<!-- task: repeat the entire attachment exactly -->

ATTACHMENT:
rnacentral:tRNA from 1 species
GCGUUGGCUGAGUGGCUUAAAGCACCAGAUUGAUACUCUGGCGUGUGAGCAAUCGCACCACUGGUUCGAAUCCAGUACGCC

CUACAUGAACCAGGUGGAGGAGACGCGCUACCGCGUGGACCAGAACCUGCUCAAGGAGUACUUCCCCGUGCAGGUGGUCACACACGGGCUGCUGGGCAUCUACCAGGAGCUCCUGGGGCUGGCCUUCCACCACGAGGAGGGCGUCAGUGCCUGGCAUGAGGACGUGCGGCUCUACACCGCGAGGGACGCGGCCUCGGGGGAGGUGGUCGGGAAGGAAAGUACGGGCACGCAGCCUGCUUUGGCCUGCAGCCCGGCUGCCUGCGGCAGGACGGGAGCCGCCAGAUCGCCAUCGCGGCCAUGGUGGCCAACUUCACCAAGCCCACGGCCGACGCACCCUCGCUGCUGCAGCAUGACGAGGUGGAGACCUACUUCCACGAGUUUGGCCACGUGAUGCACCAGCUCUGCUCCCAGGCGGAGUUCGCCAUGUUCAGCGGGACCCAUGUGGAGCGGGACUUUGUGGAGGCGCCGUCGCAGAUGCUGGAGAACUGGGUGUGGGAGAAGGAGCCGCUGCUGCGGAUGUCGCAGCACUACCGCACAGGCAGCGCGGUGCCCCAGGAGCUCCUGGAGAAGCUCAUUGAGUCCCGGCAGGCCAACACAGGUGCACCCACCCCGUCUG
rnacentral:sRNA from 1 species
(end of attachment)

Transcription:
rnacentral:tRNA from 1 species
GCGUUGGCUGAGUGGCUUAAAGCACCAGAUUGAUACUCUGGCGUGUGAGCAAUCGCACCACUGGUUCGAAUCCAGUACGCC

CUACAUGAACCAGGUGGAGGAGACGCGCUACCGCGUGGACCAGAACCUGCUCAAGGAGUACUUCCCCGUGCAGGUGGUCACACACGGGCUGCUGGGCAUCUACCAGGAGCUCCUGGGGCUGGCCUUCCACCACGAGGAGGGCGUCAGUGCCUGGCAUGAGGACGUGCGGCUCUACACCGCGAGGGACGCGGCCUCGGGGGAGGUGGUCGGGAAGGAAAGUACGGGCACGCAGCCUGCUUUGGCCUGCAGCCCGGCUGCCUGCGGCAGGACGGGAGCCGCCAGAUCGCCAUCGCGGCCAUGGUGGCCAACUUCACCAAGCCCACGGCCGACGCACCCUCGCUGCUGCAGCAUGACGAGGUGGAGACCUACUUCCACGAGUUUGGCCACGUGAUGCACCAGCUCUGCUCCCAGGCGGAGUUCGCCAUGUUCAGCGGGACCCAUGUGGAGCGGGACUUUGUGGAGGCGCCGUCGCAGAUGCUGGAGAACUGGGUGUGGGAGAAGGAGCCGCUGCUGCGGAUGUCGCAGCACUACCGCACAGGCAGCGCGGUGCCCCAGGAGCUCCUGGAGAAGCUCAUUGAGUCCCGGCAGGCCAACACAGGUGCACCCACCCCGUCUG
rnacentral:sRNA from 1 species